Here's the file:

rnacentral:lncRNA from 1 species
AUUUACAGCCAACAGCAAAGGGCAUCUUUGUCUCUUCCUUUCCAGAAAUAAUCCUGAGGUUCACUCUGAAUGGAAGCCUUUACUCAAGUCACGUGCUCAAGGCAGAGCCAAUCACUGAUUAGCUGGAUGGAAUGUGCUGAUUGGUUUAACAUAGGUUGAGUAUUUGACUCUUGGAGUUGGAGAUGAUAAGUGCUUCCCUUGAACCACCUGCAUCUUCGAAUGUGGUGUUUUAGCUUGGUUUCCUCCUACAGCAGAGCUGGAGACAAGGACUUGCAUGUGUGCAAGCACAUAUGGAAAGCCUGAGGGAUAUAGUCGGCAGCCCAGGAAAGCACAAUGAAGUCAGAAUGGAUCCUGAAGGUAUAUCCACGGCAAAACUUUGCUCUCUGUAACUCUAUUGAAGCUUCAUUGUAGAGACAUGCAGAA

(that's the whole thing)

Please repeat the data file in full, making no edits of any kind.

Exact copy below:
rnacentral:lncRNA from 1 species
AUUUACAGCCAACAGCAAAGGGCAUCUUUGUCUCUUCCUUUCCAGAAAUAAUCCUGAGGUUCACUCUGAAUGGAAGCCUUUACUCAAGUCACGUGCUCAAGGCAGAGCCAAUCACUGAUUAGCUGGAUGGAAUGUGCUGAUUGGUUUAACAUAGGUUGAGUAUUUGACUCUUGGAGUUGGAGAUGAUAAGUGCUUCCCUUGAACCACCUGCAUCUUCGAAUGUGGUGUUUUAGCUUGGUUUCCUCCUACAGCAGAGCUGGAGACAAGGACUUGCAUGUGUGCAAGCACAUAUGGAAAGCCUGAGGGAUAUAGUCGGCAGCCCAGGAAAGCACAAUGAAGUCAGAAUGGAUCCUGAAGGUAUAUCCACGGCAAAACUUUGCUCUCUGUAACUCUAUUGAAGCUUCAUUGUAGAGACAUGCAGAA